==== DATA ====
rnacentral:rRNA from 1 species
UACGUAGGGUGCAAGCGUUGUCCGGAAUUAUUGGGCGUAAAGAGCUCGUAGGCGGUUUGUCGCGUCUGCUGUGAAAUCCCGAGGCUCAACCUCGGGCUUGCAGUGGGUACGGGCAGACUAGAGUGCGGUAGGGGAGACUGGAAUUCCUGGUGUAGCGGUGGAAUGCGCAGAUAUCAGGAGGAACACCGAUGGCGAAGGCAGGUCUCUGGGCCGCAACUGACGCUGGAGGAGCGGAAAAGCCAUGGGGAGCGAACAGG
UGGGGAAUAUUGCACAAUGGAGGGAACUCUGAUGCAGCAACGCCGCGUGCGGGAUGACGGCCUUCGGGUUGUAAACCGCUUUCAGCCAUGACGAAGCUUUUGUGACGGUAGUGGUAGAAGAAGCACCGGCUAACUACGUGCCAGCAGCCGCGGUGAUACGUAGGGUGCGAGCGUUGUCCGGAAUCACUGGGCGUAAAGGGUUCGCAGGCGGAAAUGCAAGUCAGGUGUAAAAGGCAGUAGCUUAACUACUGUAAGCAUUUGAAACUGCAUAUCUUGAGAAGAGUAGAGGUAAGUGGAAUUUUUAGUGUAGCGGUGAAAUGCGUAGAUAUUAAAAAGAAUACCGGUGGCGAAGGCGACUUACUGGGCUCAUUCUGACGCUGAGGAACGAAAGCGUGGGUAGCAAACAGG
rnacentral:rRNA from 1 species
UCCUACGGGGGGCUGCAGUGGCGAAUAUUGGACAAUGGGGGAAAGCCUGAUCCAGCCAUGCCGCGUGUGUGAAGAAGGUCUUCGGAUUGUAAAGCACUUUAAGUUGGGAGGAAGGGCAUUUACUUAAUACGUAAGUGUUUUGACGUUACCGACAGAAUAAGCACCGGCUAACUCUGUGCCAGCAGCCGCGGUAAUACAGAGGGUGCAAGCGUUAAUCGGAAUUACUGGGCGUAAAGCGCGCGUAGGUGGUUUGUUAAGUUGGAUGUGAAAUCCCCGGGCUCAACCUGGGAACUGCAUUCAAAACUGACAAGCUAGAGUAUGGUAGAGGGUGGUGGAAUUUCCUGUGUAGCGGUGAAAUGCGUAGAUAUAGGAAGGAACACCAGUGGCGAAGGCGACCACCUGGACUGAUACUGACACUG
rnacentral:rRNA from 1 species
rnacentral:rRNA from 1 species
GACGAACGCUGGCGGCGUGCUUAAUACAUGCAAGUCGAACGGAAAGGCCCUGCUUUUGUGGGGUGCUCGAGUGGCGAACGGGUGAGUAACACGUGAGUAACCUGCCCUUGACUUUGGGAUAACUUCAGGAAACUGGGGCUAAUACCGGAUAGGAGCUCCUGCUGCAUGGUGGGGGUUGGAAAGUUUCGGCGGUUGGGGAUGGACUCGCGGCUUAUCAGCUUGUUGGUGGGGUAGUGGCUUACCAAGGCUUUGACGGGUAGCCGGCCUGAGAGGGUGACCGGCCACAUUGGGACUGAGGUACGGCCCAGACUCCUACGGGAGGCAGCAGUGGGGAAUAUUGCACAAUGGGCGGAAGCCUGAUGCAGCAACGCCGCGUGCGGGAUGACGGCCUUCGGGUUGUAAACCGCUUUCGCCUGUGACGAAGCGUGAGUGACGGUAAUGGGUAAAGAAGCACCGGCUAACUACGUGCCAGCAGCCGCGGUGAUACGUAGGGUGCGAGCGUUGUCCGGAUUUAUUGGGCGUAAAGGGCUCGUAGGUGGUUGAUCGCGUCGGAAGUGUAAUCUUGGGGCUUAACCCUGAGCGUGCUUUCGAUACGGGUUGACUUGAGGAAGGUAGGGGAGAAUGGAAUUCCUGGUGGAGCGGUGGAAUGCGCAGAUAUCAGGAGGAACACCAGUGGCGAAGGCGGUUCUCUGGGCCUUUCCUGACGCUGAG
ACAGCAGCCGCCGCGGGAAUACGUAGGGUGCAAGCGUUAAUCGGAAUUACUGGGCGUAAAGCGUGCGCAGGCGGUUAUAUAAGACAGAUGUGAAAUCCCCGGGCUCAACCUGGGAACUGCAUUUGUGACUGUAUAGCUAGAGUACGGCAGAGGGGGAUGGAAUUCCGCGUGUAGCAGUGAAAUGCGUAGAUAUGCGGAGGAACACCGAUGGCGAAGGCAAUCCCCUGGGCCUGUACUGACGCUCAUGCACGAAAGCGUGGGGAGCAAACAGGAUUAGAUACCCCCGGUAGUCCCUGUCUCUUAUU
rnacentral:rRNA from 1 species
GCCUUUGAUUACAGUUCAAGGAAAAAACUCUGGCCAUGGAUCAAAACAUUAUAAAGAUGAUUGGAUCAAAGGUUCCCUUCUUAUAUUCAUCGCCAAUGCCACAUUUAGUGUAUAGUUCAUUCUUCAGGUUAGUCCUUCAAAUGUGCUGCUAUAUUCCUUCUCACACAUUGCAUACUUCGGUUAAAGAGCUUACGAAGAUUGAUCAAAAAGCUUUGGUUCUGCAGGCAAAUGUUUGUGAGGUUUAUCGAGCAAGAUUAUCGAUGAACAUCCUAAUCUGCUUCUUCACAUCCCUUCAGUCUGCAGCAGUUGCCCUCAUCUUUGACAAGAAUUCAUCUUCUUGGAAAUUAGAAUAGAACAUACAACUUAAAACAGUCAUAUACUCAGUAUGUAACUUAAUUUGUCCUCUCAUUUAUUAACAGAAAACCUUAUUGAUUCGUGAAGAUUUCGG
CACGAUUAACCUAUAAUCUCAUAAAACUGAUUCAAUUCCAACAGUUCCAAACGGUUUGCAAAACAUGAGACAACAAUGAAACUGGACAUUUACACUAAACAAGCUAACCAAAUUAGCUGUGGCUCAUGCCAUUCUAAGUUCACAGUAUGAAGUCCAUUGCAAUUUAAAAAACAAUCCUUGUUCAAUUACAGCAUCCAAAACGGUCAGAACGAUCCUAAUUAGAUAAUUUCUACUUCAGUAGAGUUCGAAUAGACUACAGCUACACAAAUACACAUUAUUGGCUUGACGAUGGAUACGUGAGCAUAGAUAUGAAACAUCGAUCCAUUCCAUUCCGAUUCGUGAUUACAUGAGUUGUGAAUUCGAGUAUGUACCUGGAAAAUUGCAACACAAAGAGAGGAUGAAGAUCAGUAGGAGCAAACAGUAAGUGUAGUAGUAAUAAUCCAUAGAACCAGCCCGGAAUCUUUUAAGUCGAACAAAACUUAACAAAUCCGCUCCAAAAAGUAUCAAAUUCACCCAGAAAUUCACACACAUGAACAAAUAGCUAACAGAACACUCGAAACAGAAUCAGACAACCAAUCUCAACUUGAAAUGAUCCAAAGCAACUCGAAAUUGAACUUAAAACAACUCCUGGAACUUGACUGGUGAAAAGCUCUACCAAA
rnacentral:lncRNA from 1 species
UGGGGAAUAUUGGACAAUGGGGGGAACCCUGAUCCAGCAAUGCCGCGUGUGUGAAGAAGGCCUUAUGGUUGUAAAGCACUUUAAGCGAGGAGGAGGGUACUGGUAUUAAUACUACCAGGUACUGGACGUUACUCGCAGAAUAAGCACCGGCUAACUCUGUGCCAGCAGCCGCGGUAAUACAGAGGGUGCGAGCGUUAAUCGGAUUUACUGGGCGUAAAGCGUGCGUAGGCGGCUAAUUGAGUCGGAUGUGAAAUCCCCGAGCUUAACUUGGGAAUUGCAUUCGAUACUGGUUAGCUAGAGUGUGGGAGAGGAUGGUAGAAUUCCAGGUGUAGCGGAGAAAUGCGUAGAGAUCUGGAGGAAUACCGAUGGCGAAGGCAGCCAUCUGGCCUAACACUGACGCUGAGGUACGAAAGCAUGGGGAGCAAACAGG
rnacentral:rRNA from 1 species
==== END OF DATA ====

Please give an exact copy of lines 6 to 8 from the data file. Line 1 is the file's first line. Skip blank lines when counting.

rnacentral:rRNA from 1 species
rnacentral:rRNA from 1 species
GACGAACGCUGGCGGCGUGCUUAAUACAUGCAAGUCGAACGGAAAGGCCCUGCUUUUGUGGGGUGCUCGAGUGGCGAACGGGUGAGUAACACGUGAGUAACCUGCCCUUGACUUUGGGAUAACUUCAGGAAACUGGGGCUAAUACCGGAUAGGAGCUCCUGCUGCAUGGUGGGGGUUGGAAAGUUUCGGCGGUUGGGGAUGGACUCGCGGCUUAUCAGCUUGUUGGUGGGGUAGUGGCUUACCAAGGCUUUGACGGGUAGCCGGCCUGAGAGGGUGACCGGCCACAUUGGGACUGAGGUACGGCCCAGACUCCUACGGGAGGCAGCAGUGGGGAAUAUUGCACAAUGGGCGGAAGCCUGAUGCAGCAACGCCGCGUGCGGGAUGACGGCCUUCGGGUUGUAAACCGCUUUCGCCUGUGACGAAGCGUGAGUGACGGUAAUGGGUAAAGAAGCACCGGCUAACUACGUGCCAGCAGCCGCGGUGAUACGUAGGGUGCGAGCGUUGUCCGGAUUUAUUGGGCGUAAAGGGCUCGUAGGUGGUUGAUCGCGUCGGAAGUGUAAUCUUGGGGCUUAACCCUGAGCGUGCUUUCGAUACGGGUUGACUUGAGGAAGGUAGGGGAGAAUGGAAUUCCUGGUGGAGCGGUGGAAUGCGCAGAUAUCAGGAGGAACACCAGUGGCGAAGGCGGUUCUCUGGGCCUUUCCUGACGCUGAG